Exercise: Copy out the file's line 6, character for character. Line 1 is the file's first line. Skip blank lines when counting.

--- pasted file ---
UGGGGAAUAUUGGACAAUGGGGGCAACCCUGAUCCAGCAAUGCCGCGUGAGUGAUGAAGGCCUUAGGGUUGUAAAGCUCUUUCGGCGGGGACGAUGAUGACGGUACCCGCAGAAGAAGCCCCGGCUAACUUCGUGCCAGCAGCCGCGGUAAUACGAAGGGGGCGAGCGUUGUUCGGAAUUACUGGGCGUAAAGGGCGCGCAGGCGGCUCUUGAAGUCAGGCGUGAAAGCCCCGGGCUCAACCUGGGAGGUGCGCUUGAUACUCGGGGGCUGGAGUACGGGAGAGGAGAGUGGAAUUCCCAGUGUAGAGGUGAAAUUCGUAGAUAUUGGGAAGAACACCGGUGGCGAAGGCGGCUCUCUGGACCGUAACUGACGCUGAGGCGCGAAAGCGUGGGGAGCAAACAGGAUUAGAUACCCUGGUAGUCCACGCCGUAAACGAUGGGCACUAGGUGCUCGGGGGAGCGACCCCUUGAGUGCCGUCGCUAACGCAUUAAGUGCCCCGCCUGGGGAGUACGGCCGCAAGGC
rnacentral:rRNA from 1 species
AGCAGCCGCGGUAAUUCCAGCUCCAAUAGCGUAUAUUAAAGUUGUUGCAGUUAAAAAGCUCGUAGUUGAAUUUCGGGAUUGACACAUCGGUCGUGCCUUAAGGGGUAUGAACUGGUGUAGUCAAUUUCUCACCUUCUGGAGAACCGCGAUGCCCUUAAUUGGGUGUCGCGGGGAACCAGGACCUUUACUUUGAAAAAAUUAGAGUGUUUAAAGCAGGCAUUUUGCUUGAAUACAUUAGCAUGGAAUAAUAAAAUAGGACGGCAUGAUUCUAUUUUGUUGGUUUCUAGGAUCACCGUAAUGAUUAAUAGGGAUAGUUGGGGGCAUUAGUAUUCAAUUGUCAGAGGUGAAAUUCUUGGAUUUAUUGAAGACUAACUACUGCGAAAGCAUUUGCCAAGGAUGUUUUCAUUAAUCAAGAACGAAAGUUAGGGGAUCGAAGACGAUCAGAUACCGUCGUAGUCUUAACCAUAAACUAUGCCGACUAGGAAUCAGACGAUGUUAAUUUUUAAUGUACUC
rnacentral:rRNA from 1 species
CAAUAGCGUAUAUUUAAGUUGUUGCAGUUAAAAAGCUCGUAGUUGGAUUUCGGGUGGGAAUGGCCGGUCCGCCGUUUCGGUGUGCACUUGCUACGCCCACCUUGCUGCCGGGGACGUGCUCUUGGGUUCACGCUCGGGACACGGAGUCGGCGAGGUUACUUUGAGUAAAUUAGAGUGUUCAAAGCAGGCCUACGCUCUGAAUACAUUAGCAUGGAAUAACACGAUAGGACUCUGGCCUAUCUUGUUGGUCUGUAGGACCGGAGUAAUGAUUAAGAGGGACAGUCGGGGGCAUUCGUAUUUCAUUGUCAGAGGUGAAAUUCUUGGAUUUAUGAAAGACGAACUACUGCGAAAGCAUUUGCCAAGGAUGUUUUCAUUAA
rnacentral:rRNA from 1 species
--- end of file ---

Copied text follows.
rnacentral:rRNA from 1 species